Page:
Sometimes it feels like there’s simply not enough time to prepare for the next performance/competition/major. That’s why it’s important to: a) start your preparations early and give yourself enough time to polish everything out and b) organize your studio time wisely so that you get the most out of it.
Here are seven suggestions of good practice at the studio, especially if you are on your own, without a teacher, or even as a part of your practice routine that you do at home.
Depending on the time you have and how close the competition or performance is, between 10 and 20 minutes of warm up is optimal. Check out Ciara Sexton and Paula Goulding’s warm up programs here on Diddlyi for some great tips and ideas.
Once you’re all warmed up and stretched, go once through your whole dance. The focus here is on remembering the steps and movements across the stage, and noticing the parts of your dance that need working on.
Now go through each part of your dance separately, first without the music and then with music, at least three to five times, paying attention to technique, turn-out, rhythm, cross-over and posture. If you are struggling with moving from one step into another, make sure you do that transition several times as well. A good thing is to set yourself a mini goal – for example, doing the same bit of a step five times consecutively without making a mistake before moving on to drilling the next movement.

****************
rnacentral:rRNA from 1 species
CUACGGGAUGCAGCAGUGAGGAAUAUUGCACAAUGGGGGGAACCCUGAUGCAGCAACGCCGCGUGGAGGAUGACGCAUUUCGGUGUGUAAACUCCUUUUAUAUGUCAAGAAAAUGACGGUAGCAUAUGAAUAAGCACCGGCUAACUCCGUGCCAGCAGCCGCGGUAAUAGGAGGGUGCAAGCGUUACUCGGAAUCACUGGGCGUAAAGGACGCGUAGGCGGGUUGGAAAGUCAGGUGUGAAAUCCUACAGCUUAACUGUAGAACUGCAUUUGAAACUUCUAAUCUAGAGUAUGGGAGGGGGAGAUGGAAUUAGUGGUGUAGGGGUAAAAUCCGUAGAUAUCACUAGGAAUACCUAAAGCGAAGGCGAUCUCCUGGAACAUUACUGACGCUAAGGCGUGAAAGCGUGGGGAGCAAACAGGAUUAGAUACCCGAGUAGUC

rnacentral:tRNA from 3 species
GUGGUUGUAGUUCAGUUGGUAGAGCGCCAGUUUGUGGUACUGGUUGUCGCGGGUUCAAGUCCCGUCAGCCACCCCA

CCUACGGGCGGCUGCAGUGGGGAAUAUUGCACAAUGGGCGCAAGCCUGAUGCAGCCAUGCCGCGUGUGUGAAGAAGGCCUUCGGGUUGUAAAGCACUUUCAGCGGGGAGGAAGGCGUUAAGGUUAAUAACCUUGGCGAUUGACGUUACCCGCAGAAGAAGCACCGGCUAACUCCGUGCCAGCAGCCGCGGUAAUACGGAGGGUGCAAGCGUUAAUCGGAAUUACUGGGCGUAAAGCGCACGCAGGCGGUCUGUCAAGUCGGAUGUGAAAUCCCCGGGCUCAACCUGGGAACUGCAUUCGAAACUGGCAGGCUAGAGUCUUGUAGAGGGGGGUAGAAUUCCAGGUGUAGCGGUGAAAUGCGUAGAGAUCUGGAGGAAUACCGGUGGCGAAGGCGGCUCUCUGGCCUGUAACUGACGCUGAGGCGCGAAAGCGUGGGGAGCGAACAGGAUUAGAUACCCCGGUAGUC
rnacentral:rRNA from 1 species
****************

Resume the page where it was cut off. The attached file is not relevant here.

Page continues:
Now do your dance again, making sure you’re applying all the corrections you made in the previous part of your training. Do it as if you were dancing on the stage, like you only have that one shot to impress the audience or the judge – dance your best. This is also a part of your practice where you focus on your facial expressions – the feis smile! Very often we forget that we also perform with our faces. So don’t forget to smile while you dance.
This is to help you work on your stamina. If you practice doing your dance twice in a row, without losing your smile, the height in your jumps and without hunching, it will make it much easier to perform just once on the stage. It will make the desired impression we want to see in Irish dancing, that it’s all easy and that gravity has no effect on us.
Take a short break, then repeat your dance twice again.
You’ve just been through your whole dance four times, you deserve it. Have an energy bar or some fruit and enjoy a couple of minutes of rest. And of course, don’t forget to drink LOTS of fluid during your work out.
After you have chilled for a couple of minutes, do another 15 to 20 minutes of stretching. Again, you’ll find lots of useful stretching ideas here on Diddlyi.
You need your energy and your strength so two days before the competition or the performance, don’t do the strenuous work out. What’s done is done, your muscle memory will have to do the work now, and all you need to do now is make sure you don’t forget the steps. Not everybody is the same, but I usually don’t dance a day before the competition – I simply mark the steps or even dance them with my hands. It helps me stay focused but it also keeps me safe from exhaustion, sore muscles and injuries.
Of course, you could make your own plan and work according to it. The most important thing is that you don’t waste your energy doing the whole dance every time but focus on the parts of the dance that need working on. You only need to do the whole dance five times in your daily work out, if you invest your time and energy wisely.
Photo credit: Image is courtesy of and belongs to blog author.
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